This is the practice of holding a child back from kindergarten so he or she can start school at age 6 – older, bigger and more mature than his or her 5-year-old peers. This is happening more frequently now, especially with kids with summer birthdays, close to the cut-off dates for entrance.
In Durango and Ignacio, children must be 5 before Oct. 1 to start kindergarten. In Bayfied, it’s Sept. 15. So, children with birthdays in July, August and early September are going to be much younger than their counterparts who may be turning 6 in October.
Increasingly, parents are considering this option of waiting until 6, so their children can be the oldest, and hopefully be more of a leader, rather than follower. They also believe these kids will have advantages athletically (bigger and stronger) and socially (driving cars earlier, dating earlier). This trend is happening with 9 percent of kindergartners and 12 percent of first-graders in the U.S. It is more common in affluent communities, in private schools, with boys and with white kids. These are the kids who are least at risk.
It’s funny, because we used to want our bright kids to skip a grade, to stay stimulated and motivated. Being in an environment with older kids, they always had someone to learn from. Now, it’s just the opposite, holding them back to give them an edge.
The term red-shirting came from college sports, where a delay of an athlete’s participation lengthened his or her period of eligibility. In a red-shirt year, the student attends classes and practices with the team but doesn’t compete, therefore, using five years to complete four years of eligibility, often adding size and strength before participating.
Studies are all over as far as to the effect on children. They show some advantages with academics and confidence in elementary school. However, teachers are finding it difficult to teach to a class of children who may be in an 18 month age range, there seem to be more behavior problems at adolescence and more use of special-education classes. Other studies show that by fifth grade, children who are surrounded by older kids do better, and kids who were red-shirted in kindergarten level out with their own age group at that time.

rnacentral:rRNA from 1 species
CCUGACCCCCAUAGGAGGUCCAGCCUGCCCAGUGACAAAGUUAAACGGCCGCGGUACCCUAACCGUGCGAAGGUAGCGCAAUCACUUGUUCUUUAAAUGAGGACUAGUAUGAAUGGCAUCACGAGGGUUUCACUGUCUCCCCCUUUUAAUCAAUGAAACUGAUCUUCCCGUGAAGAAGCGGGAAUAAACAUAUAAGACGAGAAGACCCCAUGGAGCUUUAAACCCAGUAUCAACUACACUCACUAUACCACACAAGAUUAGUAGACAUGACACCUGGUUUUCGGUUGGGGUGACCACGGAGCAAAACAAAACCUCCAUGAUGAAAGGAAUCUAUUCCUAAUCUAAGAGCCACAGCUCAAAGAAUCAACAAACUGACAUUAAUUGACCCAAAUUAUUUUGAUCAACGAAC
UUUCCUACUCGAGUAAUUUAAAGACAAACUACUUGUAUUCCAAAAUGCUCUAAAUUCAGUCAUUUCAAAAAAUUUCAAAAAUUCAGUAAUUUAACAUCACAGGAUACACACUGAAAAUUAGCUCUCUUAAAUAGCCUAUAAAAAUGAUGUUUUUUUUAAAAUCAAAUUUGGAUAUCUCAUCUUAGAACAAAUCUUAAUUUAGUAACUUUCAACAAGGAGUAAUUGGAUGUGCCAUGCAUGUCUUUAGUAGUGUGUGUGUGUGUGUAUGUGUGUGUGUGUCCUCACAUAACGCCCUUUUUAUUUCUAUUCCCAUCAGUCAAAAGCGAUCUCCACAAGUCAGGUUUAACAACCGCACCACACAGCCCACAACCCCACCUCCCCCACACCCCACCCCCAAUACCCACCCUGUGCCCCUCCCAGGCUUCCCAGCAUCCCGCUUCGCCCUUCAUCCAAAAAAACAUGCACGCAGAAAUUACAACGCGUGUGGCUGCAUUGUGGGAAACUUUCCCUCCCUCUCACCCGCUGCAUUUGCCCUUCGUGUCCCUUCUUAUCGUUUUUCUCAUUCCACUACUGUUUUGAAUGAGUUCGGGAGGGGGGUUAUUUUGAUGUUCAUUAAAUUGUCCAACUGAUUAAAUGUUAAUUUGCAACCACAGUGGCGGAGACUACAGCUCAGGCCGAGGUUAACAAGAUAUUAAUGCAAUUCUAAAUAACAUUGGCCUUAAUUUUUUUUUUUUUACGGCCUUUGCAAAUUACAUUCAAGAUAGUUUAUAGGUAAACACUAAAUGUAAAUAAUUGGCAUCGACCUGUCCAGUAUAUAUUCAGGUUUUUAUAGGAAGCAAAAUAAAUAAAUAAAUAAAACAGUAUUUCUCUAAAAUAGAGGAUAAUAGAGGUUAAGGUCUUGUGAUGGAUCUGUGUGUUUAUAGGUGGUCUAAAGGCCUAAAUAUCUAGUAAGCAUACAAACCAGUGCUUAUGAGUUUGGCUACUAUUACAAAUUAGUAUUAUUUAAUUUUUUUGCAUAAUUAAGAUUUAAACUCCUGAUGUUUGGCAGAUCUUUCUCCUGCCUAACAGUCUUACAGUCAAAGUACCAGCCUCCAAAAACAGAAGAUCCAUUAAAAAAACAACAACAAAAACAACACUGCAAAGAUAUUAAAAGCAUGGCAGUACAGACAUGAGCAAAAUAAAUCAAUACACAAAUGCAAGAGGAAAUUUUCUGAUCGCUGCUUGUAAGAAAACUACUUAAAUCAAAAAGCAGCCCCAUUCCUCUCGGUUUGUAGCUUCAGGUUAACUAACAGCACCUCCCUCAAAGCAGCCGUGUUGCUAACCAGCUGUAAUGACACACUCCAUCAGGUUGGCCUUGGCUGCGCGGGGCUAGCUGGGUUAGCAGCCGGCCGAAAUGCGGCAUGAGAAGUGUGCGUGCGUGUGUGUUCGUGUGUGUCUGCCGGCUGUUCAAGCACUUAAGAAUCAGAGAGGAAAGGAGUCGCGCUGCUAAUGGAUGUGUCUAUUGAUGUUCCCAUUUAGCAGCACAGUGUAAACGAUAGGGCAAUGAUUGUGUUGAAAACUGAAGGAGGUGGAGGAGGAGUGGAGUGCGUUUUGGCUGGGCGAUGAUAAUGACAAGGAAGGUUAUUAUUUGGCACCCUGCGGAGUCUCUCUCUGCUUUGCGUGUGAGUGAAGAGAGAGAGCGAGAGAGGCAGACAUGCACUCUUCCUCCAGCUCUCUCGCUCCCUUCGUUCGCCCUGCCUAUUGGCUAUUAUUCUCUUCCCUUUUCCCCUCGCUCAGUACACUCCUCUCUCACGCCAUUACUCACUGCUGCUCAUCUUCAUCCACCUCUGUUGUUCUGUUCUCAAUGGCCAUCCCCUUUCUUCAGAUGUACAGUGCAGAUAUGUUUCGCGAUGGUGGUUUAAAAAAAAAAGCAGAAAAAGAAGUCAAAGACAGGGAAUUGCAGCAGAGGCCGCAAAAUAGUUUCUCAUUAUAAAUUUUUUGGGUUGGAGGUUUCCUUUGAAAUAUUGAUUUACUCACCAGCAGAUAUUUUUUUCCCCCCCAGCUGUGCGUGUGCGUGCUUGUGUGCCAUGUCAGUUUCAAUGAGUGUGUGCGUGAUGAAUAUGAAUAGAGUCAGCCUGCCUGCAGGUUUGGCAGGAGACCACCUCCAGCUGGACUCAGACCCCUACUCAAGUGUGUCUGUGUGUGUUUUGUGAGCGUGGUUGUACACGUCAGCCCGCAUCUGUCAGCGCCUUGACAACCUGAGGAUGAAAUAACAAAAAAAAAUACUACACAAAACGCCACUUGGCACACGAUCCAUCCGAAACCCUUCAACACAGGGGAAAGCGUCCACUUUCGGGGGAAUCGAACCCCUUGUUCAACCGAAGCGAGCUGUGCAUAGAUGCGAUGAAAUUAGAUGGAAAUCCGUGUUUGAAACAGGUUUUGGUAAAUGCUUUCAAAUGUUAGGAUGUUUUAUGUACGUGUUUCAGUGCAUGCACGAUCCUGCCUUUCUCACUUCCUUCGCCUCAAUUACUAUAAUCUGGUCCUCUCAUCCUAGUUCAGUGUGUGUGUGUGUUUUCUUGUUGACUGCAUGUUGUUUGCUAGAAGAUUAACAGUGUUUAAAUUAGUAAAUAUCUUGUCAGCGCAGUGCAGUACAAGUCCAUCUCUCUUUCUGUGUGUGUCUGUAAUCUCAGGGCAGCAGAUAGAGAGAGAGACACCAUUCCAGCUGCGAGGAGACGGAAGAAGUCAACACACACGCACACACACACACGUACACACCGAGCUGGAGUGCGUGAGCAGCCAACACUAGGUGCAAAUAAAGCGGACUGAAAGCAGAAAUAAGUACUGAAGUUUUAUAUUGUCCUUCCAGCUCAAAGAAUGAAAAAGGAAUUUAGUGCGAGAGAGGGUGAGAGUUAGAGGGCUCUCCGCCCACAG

In some early education classes, multi-age groupings are integral to learning. If we mix 6-, 7- and 8-year-olds together, we get children learning all kinds of things from each other. Older kids support and solidify their learning by showing younger kids. Younger children are absorbing many things by watching older kids in their environments, and kids in the middle do both. After all, life is not based on age. No one says that this job can only be filled by a 25-year-old or a 37-year-old. Public school is the only place where people are segregated by age. Maybe this issue is making schools really look at mixed-aged classes. Look what it’s bringing up for parents.
In this age of hyper-parenting and high stakes early education, parents play Mozart to babies still in the womb, give Chinese lessons at age 2 and try everything to give their children an edge. Some parents are moving to the suburbs to red shirt because, for example, the Chicago School District doesn’t allow this.
Is red-shirting manipulating the system? Playing the birthday numbers game? Using status for gains? To me, it’s about competition, and wanting the best, the biggest and the brightest.
It is an interesting phenomena. We all want the best for our children. But what’s happening to natural development and following the lead of children, instead of forcing them into situations that may not be appropriate for them? What if all families make this decision? What if all kindergartens become filled with only 6-year-olds? Then, will it be 7- and 8-year-olds? Is this the “graying of kindergarten?”
Martha McClellan has been an early care child educator, director and administrator for 36 years. She currently has an early childhood consulting business, supporting child care centers and families. Reach her at firstname.lastname@example.org.